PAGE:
Do you ever feel that everyone seems to have amazing coping skills yet you seem to be the only one who struggles with even the most basic aspects of “adulting”? Why does everyone else seem to live this perfect life and achieve so much, yet make it seem like it’s no big deal?
A large-scale mass casualty simulation to develop the non-technical skills medical students require for collaborative teamwork – PubMed
A large class teaching activity, framed as a simulation of a natural disaster is an acceptable and effective activity for medical students to develop the non-technical skills of collaboration, negotiation and communication, which are essential to team working. The design could be of value in medical …
A values-based health system, March 7, 2011
A new paradigm for health care It remains debatable that the Rudd government’s health care reform solutions were revolutionary. The collective proposals fell short of addressing the fundamental causes of health system failure.
What should we make of the MyHospitals website, December 16, 2010
In health policy, it is rare to find an initiative that is universally blessed. This is partly because health policy is frequently about finding the “least worst option”, there being few measures that don’t have some downside. It also reflects the “strife of interests” that so often drown out reasonable intentions.
(Part 3 of a Croakey series on health reform). Cost-shifting, blame-shifting and patient-shifting are an integral part of our health system, and the COAG health reforms are unlikely to signal their demise. Dr Clare Skinner, an emergency registrar in Sydney, has some insights from the frontline about how emergency departments “sell” patients, and questions the impact on patient care.
The ethical minefield of bringing back the dead, February 16, 2010
A friend and I, the other day, happened upon a heavily tattooed man. ”Would you ever get a tattoo?” I asked my friend. ”Eww, no!” he responded. ”I just can’t imagine anything that I would still want marked on my body when I am 80 years old.
The final report of the Special Commission of Inquiry into Acute Care Services in NSW Public Hospitals was published on 27 November 2008. 1 The Inquiry was initiated after two highly publicised incidents at Sydney’s Royal North Shore Hospital: the death of 16-year-old Vanessa Anderson following a head injury inflicted by a golf ball; 2 and Jana Horska’s miscarriage in the emergency department toilets.
Finding the fix for broke Emergency wards, December 9, 2008
The much anticipated final report of the Special Commission of Inquiry into Acute Care Services in NSW Public Hospitals was published on 27 November, and it makes interesting reading.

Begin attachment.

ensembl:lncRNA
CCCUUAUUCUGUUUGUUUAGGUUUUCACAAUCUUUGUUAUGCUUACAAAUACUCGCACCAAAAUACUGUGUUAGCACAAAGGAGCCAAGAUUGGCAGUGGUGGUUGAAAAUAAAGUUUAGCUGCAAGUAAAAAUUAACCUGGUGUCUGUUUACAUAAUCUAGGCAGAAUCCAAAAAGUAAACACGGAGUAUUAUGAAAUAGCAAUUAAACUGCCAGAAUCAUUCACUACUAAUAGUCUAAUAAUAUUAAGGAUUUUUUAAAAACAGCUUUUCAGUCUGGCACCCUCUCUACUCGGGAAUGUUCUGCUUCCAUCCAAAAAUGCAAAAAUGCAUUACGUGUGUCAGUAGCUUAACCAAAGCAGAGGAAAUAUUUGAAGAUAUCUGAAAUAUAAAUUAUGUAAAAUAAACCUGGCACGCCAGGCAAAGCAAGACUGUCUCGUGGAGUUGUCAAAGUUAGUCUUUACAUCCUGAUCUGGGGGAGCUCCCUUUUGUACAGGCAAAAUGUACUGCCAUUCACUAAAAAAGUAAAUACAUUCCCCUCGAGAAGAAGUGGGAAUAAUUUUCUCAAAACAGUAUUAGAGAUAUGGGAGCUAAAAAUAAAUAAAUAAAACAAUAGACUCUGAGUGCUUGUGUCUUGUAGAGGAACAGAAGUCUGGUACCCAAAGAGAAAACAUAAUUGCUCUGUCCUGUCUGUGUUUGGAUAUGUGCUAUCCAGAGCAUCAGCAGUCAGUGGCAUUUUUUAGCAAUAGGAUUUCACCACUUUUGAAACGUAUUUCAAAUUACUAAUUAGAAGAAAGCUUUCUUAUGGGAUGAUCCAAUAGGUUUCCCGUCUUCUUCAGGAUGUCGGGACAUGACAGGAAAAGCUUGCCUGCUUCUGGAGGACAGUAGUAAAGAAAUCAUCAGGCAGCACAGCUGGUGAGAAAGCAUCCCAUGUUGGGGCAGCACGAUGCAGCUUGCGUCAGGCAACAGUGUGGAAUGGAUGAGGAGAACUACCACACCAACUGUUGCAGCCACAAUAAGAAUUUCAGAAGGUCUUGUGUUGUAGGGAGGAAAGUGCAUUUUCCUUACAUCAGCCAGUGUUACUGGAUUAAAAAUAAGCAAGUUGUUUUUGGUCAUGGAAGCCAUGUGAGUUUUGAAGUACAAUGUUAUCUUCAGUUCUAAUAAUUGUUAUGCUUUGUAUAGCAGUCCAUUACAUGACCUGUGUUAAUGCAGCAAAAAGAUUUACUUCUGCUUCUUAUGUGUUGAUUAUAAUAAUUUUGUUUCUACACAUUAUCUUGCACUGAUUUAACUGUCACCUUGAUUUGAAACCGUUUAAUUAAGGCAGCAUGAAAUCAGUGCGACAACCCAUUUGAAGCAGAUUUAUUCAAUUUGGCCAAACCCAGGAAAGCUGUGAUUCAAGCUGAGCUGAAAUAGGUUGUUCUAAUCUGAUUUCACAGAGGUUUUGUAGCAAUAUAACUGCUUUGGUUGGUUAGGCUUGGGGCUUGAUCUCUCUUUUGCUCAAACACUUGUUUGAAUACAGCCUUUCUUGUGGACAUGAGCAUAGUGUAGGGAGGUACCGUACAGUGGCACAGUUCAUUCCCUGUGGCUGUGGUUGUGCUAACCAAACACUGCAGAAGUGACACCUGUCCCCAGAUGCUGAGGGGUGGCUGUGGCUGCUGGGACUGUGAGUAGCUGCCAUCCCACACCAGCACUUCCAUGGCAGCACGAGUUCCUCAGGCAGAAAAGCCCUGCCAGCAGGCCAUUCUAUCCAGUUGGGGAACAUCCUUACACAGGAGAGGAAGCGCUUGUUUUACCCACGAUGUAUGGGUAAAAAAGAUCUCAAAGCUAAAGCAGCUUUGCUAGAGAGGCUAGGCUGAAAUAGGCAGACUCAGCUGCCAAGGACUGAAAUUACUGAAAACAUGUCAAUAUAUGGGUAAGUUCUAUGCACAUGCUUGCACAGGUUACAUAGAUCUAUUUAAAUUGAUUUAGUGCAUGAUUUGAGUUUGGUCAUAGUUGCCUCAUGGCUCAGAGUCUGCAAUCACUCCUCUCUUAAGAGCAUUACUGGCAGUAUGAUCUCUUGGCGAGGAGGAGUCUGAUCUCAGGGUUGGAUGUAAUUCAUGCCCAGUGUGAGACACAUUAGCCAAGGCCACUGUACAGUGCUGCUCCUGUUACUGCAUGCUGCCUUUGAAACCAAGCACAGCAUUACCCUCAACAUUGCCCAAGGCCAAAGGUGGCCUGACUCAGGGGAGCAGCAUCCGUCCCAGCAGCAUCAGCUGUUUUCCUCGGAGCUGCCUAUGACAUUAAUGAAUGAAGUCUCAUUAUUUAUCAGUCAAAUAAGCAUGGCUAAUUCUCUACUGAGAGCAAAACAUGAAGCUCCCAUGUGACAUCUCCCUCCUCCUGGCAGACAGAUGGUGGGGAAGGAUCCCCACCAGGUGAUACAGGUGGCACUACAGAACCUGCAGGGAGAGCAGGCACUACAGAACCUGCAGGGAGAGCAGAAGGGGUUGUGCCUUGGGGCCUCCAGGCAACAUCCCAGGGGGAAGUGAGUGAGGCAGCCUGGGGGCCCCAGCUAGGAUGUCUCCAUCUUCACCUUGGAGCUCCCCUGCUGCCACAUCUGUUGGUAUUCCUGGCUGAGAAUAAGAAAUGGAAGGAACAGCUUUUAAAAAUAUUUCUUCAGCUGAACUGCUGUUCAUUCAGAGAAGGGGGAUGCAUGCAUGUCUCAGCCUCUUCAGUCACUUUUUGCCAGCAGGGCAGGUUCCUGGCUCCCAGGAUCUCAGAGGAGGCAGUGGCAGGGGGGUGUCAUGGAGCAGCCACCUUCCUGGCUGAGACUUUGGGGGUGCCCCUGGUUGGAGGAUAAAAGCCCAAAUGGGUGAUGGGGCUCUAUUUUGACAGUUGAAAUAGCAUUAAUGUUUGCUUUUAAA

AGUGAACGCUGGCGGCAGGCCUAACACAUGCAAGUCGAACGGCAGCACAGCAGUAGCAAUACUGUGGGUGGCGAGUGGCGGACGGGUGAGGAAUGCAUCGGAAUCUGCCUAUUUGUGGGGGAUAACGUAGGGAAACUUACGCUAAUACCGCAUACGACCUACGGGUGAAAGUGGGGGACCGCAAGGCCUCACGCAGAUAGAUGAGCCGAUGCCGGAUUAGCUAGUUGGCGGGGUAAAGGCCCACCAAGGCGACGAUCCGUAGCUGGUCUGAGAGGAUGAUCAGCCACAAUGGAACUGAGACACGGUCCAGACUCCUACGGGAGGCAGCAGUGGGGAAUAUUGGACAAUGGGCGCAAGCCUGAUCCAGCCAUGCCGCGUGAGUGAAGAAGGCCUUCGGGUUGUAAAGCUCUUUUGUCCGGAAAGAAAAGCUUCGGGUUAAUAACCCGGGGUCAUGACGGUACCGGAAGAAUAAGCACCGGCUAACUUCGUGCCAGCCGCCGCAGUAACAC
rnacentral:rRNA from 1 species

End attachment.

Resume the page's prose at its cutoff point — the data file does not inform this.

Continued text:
It’s make or break time for public hospitals, November 27, 2008
It is three years since Vanessa Anderson presented to the emergency department at Royal North Shore Hospital with head injuries sustained from a golf ball. Last year, Jana Horska’s tragic miscarriage in the waiting room toilets kept the large Sydney hospital in the media spotlight.
Addressing the inefficiencies and inequities of our health system requires system change, rather than just more money. In this presentation to the the February 2008 meeting of the Royal Australasian College of Medical Administrators, CPD Chair John Menadue addressed the fundamental structural conflict between clinical and corporate governance in our hospitals and suggested ways we can move towards solutions which achieve both medical and organisational excellence.
Inside the emergency department, December 3, 2007
Emergency departments are under pressure. Chronic staff shortages, access block and other problems are increasingly affecting the ability of medical and nursing staff to treat patients On 23 September 2007, The Age (Melbourne) reported a leaked letter to the Victorian Health Minister from Dr Andrew Buck, an emergency registrar, who described compromised patient care in the overcrowded and understaffed emergency department (ED) at Monash Medical Centre in Melbourne.
Australia’s health system is under pressure. Demand for health services is rising as the population ages and the burden of chronic disease grows. There is a mismatch between community expectations and health service delivery, fuelled by intense media scrutiny and political point-scoring. Medical technologies are becoming more complex, resulting in increasingly specialised and expensive medical care.
Hospitals must change to staunch flow of staff, October 14, 2005
THE rising use of casual doctors reflects the workforce shortage facing the health system, with chronic vacancies across the system.
The use of locum medical officers to fill resident and registrar shifts in the New South Wales public hospital system has increased markedly in recent years. 1 Doctors providing locum services to hospitals include recent medical graduates, specialist trainees, and experienced clinicians who have worked previously in the hospital system as career medical officers.